oppn parties Minority Status For Hindus: Now Assam Chief Minister Says It Should Be At District Level

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Minority Status For Hindus: Now Assam Chief Minister Says It Should Be At District Level

By Sunil Garodia
First publised on 2022-03-31 14:27:16

About the Author

Sunil Garodia Editor-in-Chief of indiacommentary.com. Current Affairs analyst and political commentator.

After the Centre took the stand in the Supreme Court that Hindus can be granted minority status in states (J&K, Punjab and some states in the Northeast) where they are a minority, Assam chief minister Himanta Biswa Sharma has added a twist to the issue by calling for district-wise definition of minority. According to him, since the Hindus are a minority in many districts of the state, the government will push for minority status for them in those districts and the state would try to be party to the ongoing case on the issue in the Supreme Court.

This was bound to happen. Once the status quo is sought to be changed, there is no limit to where the issue will be stretched. If reservation is granted to a class, hundreds of sub-classes in that class start demanding separate reservation. Now if the minority status of a religious community is brought down to the state level, demands will start coming for district-level, taluka-level, thana-level or even ward/panchayat-level definition of minority. This has to be resisted.  Although a state is a definite administrative mass and the demand for allowing states to grant minority status to Hindus where they are in minority is legitimate, any further downstream tinkering is fraught with danger.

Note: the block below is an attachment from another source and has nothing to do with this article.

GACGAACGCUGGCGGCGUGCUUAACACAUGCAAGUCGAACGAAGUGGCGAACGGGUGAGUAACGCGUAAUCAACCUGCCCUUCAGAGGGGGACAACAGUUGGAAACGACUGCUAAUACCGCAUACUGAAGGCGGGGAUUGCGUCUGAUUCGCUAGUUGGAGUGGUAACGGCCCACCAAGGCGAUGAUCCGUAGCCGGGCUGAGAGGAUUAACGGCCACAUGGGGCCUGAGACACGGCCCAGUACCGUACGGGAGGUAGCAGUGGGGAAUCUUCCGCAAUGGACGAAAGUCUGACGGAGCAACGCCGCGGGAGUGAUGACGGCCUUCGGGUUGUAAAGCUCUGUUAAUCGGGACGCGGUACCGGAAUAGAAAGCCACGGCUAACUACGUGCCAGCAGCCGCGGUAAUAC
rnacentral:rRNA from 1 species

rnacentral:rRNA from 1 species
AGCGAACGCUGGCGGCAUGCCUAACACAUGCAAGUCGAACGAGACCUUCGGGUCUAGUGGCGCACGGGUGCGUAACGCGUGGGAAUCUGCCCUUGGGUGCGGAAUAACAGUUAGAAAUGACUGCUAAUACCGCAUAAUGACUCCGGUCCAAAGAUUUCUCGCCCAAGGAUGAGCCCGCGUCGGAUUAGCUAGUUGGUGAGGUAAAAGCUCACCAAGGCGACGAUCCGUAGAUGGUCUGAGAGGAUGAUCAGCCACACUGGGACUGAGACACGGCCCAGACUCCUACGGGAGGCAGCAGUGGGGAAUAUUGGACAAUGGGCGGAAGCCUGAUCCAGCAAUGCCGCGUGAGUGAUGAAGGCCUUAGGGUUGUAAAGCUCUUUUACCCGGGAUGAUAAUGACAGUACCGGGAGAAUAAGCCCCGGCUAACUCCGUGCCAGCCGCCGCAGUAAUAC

The Assam chief minister's idea is perhaps borne out of the fact that as per the 2011 Census, more than 9 densely populated districts in Assam have a Muslim population of more than 50%, with Dhubri district topping the list where Muslims make up nearly 80% of the population. Earlier, the BJP used to allege that the demography of these districts had been changed by Muslim infiltrators from Bangladesh. Now with the question of granting minority status to Hindus in some states, Himanta Biswa Sharma has hit upon this idea of demanding the same for them in these districts where they are outnumbered by Muslims.

There are many issues that will crop us if this is allowed. Would the Hindu minority from any of the above districts have minority rights in the rest of Assam or even the rest of the country? Will the Hindu minority educational institutions that will operate with minority rights in these districts be allowed to start branches elsewhere (where Hindus are in majority) and will those branches enjoy minority institution benefits? Would a Hindu, originally resident of any of these districts and enjoying minority status, continue to enjoy the same if he or she relocates to a Hindu- majority district or elsewhere in India? These same questions will also come up when some states declare Hindus as minority in their states but the issue will have wider ramifications if district-level minority status is allowed within the same state. The Supreme Court will have to consider all these questions and many more that will come up before deciding the matter.